Builders and contractors oftentimes use popcorn ceilings to give the home more texture and definition. It’s a cheap, quick and easy technique for covering the ceilings, allowing builders to skip over the finishing process. Unfortunately, it leaves behind a messy, outdated look that many homeowners find tacky or downright ugly. Before you can finish the ceiling with a fresh coat of paint, however, you must first remove the popcorn. In this post, we’re going to walk you through the steps to removing a popcorn ceiling.
You’ll first need to pick up some basic items and supplies from your local home improvement store. Purchase enough drop cloths to cover the entire floor of the room along with a couple different sized putty scrapers, respirator mask, and a bottle of white vinegar. The total cost of these items should only run you about $20-$30 bucks depending on where you shop.
Taking the time to prepare your ceiling and room ahead of time will allow for a smoother popcorn removal. Start by removing all of the furniture, both big and small, from the room with the popcorn ceiling. I know some people may simply toss their drop cloths over the furniture, but this will likely result in wet popcorn paint covering your furniture. Spending the extra half an hour to move them out of the room will prevent this from happening. Once the furniture is removed, then you can lay out the drop clothes over the floor.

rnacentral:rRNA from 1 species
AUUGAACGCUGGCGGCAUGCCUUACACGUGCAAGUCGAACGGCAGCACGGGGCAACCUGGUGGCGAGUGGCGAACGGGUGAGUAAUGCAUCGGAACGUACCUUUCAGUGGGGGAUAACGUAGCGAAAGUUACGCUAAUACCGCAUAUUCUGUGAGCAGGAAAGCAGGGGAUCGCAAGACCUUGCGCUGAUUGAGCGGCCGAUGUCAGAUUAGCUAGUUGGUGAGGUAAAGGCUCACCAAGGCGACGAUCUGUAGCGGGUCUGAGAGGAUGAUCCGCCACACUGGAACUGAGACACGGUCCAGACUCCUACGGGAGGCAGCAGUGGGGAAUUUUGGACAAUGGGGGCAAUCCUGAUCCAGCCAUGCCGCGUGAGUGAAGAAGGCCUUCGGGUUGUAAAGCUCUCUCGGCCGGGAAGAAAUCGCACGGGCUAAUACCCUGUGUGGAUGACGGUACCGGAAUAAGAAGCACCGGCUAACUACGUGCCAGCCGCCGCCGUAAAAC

With all of your furniture and furnishings removed, start spraying down the ceilings with a solution of half white vinegar and half warm water. The strong odor of vinegar might turn some people away, but it’s a highly effective tool for removing popcorn ceiling. Continue spraying the ceiling until there’s a nice saturated coat on it.
Give the vinegar solution about 20 minutes to thoroughly soak into the popcorn ceiling before you attempt to remove it. During this time, however, you can gear up in a respirator mask to keep the stuff out of your lungs. Also, if your popcorn ceiling was added before 1980, you should hire a company to check it for asbestos. Removing asbestos-covered ceiling is incredibly dangerous and could result in mesothelioma.
Removing popcorn ceiling should be rather painless assuming you saturated it with vinegar beforehand. Starting from the back of the room and working your way forward, use a putty scraper to slide the popcorn off. Simply slide it forward to push the popcorn off. When you are finished with one area, move your ladder over to start on the next. The popcorn should come off without much effort, but the most time-consuming part is moving the ladder every couple of feet.
After removing the popcorn ceiling, you will then need to clean up the area. I recommend tossing the drop cloths rather than salvaging them for later use. Dispose of your used gear and let the room air out for an hour or so before you move the furniture back.